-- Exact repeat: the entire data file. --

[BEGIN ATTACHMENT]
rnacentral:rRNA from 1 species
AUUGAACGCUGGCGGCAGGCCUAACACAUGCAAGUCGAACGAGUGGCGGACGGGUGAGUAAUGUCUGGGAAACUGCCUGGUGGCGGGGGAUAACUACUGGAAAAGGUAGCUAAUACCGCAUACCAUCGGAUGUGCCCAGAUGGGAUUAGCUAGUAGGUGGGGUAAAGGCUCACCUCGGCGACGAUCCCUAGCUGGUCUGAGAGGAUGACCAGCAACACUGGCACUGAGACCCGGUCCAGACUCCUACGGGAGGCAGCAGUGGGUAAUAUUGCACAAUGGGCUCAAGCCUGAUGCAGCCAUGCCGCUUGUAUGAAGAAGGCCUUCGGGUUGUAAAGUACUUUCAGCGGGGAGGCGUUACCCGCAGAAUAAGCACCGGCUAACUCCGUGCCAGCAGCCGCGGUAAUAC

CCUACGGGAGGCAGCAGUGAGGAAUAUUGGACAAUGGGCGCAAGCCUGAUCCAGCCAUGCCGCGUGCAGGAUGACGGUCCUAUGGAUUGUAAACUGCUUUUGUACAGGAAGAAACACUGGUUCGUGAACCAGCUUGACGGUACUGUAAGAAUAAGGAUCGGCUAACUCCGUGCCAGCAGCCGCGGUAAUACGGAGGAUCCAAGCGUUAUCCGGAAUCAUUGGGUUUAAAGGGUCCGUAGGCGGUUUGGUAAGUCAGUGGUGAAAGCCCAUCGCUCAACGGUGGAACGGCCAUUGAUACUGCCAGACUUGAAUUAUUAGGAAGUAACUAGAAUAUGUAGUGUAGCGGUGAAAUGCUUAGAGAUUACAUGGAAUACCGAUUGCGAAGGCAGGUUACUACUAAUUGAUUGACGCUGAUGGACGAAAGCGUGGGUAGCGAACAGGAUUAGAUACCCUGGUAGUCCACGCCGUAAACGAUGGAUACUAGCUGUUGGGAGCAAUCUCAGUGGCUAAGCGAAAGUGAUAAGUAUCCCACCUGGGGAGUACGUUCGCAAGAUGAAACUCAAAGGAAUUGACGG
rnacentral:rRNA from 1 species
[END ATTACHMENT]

rnacentral:rRNA from 1 species
AUUGAACGCUGGCGGCAGGCCUAACACAUGCAAGUCGAACGAGUGGCGGACGGGUGAGUAAUGUCUGGGAAACUGCCUGGUGGCGGGGGAUAACUACUGGAAAAGGUAGCUAAUACCGCAUACCAUCGGAUGUGCCCAGAUGGGAUUAGCUAGUAGGUGGGGUAAAGGCUCACCUCGGCGACGAUCCCUAGCUGGUCUGAGAGGAUGACCAGCAACACUGGCACUGAGACCCGGUCCAGACUCCUACGGGAGGCAGCAGUGGGUAAUAUUGCACAAUGGGCUCAAGCCUGAUGCAGCCAUGCCGCUUGUAUGAAGAAGGCCUUCGGGUUGUAAAGUACUUUCAGCGGGGAGGCGUUACCCGCAGAAUAAGCACCGGCUAACUCCGUGCCAGCAGCCGCGGUAAUAC

CCUACGGGAGGCAGCAGUGAGGAAUAUUGGACAAUGGGCGCAAGCCUGAUCCAGCCAUGCCGCGUGCAGGAUGACGGUCCUAUGGAUUGUAAACUGCUUUUGUACAGGAAGAAACACUGGUUCGUGAACCAGCUUGACGGUACUGUAAGAAUAAGGAUCGGCUAACUCCGUGCCAGCAGCCGCGGUAAUACGGAGGAUCCAAGCGUUAUCCGGAAUCAUUGGGUUUAAAGGGUCCGUAGGCGGUUUGGUAAGUCAGUGGUGAAAGCCCAUCGCUCAACGGUGGAACGGCCAUUGAUACUGCCAGACUUGAAUUAUUAGGAAGUAACUAGAAUAUGUAGUGUAGCGGUGAAAUGCUUAGAGAUUACAUGGAAUACCGAUUGCGAAGGCAGGUUACUACUAAUUGAUUGACGCUGAUGGACGAAAGCGUGGGUAGCGAACAGGAUUAGAUACCCUGGUAGUCCACGCCGUAAACGAUGGAUACUAGCUGUUGGGAGCAAUCUCAGUGGCUAAGCGAAAGUGAUAAGUAUCCCACCUGGGGAGUACGUUCGCAAGAUGAAACUCAAAGGAAUUGACGG
rnacentral:rRNA from 1 species